Earlier this week I posted some writing “don’ts.” These included exposition in dialogue. In the comments, pujagokarn161289 asked:
Could you explain the ‘exposition in dialogue’ point a bit more elaborately?
I’ll start you off with a definition of exposition, courtesy of Wikipedia: “Narrative exposition, or simply exposition, is the insertion of important background information within a story; for example, information about the setting, characters’ backstories, prior plot events, historical context, etc.”
Exposition is writing or speech whose purpose is to explain something or convey information. It’s necessary in narrative fiction — at some point in a story, the characters’ relationships, their histories, their world, and what’s at stake will need to be revealed. And sometimes straight exposition is the simplest and most efficient way for the author to explain what’s going on. But it’s almost always more dramatic, and elegant, to immerse readers in the story, to show the characters and their world, than to explain background information through a long expository summary or a speech.
Exposition can come off as clunky, boring, and stupid when characters reveal information in dialogue — especially when one character explains something to another that they both know. The dialogue will convey information to the reader, but it will be unnatural and stilted.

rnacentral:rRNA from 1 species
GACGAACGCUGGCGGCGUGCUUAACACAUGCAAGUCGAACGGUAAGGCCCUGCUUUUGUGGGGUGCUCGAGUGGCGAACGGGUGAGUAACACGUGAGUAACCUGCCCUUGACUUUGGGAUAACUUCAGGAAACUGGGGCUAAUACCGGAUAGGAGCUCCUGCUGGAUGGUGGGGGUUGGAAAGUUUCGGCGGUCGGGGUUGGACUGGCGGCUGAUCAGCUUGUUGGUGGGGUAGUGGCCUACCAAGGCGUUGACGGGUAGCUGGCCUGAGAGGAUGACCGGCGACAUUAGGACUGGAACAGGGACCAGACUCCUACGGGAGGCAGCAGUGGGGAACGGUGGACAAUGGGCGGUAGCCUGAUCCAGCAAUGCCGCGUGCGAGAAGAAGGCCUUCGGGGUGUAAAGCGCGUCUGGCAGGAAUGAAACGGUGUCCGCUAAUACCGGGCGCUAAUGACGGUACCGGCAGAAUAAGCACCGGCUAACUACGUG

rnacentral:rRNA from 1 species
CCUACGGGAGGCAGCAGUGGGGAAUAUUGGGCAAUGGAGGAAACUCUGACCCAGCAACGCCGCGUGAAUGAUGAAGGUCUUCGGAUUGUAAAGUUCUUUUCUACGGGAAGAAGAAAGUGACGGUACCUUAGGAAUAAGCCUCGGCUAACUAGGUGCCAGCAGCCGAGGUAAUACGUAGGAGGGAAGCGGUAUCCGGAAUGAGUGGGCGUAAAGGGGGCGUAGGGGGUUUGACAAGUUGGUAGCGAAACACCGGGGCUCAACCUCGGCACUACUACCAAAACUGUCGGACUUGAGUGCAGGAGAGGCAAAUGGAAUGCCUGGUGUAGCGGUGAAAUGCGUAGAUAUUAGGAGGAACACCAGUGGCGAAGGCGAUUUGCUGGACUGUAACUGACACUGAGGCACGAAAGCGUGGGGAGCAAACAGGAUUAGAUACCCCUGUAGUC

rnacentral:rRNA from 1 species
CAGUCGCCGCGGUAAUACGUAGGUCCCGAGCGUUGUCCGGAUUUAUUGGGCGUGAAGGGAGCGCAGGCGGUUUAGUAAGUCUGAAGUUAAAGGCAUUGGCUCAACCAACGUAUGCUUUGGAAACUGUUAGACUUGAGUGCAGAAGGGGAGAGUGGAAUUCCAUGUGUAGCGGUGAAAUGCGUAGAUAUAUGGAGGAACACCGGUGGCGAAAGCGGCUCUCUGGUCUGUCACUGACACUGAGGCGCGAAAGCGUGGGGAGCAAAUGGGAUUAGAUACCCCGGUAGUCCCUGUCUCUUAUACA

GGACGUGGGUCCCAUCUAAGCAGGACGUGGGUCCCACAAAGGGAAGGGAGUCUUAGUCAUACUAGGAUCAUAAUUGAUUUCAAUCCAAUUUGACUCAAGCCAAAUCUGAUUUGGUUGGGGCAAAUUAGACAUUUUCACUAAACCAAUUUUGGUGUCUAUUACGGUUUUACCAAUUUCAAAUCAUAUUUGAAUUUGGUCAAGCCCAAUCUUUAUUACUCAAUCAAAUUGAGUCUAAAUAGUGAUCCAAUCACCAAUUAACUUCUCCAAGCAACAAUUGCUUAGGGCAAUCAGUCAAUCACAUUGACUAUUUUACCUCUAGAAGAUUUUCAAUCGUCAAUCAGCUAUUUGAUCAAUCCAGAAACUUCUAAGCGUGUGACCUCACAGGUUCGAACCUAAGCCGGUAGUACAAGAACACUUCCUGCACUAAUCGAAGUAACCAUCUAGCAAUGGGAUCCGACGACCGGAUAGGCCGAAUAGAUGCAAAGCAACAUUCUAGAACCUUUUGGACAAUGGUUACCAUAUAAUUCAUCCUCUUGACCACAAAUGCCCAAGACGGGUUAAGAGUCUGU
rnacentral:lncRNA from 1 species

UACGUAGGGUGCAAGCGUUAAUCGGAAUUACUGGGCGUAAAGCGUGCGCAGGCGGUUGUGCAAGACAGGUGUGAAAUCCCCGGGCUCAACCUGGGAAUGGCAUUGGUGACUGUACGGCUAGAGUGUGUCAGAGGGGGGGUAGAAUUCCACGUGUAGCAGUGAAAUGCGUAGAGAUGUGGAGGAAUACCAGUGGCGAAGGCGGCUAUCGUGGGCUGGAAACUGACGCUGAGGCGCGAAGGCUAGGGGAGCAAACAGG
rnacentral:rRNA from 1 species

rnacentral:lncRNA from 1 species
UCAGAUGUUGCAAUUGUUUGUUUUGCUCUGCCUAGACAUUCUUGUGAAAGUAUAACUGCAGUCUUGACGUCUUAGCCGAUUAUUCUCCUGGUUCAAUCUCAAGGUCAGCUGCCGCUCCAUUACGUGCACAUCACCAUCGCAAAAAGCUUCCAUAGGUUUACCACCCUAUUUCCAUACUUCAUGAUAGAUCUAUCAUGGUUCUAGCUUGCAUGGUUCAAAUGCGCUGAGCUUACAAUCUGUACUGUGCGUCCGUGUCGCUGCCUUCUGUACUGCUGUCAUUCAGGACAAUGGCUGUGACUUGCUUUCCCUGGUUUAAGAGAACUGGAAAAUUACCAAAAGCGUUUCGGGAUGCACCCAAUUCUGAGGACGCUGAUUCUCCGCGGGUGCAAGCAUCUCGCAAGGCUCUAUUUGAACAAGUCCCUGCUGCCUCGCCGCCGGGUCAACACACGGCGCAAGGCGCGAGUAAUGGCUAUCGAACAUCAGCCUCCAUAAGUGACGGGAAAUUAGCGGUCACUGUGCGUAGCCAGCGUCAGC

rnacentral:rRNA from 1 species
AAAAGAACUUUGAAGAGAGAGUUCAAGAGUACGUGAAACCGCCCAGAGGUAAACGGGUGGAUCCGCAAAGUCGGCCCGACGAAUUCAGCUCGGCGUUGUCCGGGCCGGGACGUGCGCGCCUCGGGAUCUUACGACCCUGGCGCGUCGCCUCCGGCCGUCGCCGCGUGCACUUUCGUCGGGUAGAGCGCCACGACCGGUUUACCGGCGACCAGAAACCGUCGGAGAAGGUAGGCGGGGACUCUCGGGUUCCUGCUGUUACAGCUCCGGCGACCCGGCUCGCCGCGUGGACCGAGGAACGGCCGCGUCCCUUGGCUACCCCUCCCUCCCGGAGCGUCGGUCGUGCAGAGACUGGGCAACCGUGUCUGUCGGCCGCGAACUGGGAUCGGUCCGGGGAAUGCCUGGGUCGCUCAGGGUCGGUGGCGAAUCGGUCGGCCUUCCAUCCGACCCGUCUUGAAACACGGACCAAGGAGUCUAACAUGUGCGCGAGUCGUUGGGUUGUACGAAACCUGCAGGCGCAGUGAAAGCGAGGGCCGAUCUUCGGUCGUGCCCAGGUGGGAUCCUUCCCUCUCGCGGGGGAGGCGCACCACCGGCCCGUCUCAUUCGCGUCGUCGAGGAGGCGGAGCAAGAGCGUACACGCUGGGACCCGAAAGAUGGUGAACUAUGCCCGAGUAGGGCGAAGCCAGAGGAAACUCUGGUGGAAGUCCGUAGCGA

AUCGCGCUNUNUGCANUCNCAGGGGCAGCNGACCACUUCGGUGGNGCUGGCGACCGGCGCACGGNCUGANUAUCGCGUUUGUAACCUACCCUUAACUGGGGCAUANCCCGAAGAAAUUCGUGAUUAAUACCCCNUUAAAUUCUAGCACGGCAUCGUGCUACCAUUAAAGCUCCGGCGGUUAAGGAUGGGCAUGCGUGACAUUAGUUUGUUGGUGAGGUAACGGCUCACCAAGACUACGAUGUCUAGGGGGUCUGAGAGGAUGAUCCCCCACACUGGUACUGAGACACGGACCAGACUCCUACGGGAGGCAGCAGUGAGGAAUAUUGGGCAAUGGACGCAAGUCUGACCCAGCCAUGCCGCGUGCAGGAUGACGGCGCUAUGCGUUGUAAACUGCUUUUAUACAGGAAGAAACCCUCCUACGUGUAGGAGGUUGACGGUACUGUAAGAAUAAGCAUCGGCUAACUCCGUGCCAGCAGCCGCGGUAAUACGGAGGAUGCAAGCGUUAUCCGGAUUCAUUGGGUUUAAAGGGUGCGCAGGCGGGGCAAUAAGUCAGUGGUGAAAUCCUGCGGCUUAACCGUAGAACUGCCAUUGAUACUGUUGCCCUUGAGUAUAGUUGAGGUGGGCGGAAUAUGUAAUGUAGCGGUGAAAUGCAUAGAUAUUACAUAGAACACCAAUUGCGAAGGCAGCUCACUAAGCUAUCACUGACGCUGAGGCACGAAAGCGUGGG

“Well, if it isn’t my oldest brother, Joe. Did your wife, Gina, and your twin sons, Simon and Garfunkel, come with you on this surprise visit?”
“No, Wilfred. As I’m sure you remember, the last time my family came to this secret cabin on the shore of Loch Ness, we had that tragic fishing incident, and Gina swore never to return unless Nessie regurgitated the twins.”
Nobody talks like this. The characters are force-feeding information to the audience.
Instead of simply dumping information into dialogue, reveal it through conflict, humor, or moments of surprise.
“Joe. How the hell did you know I was here? Dammit, did Mom–”
“Yeah, she told me. I’m her favorite. You gonna invite me in, or just let me freeze in the wind coming off that loch? And stop looking over my shoulder. I’m alone. Gina wouldn’t come back here even if I speared Nessie and barbecued her with a flamethrower.”
Hope that helps.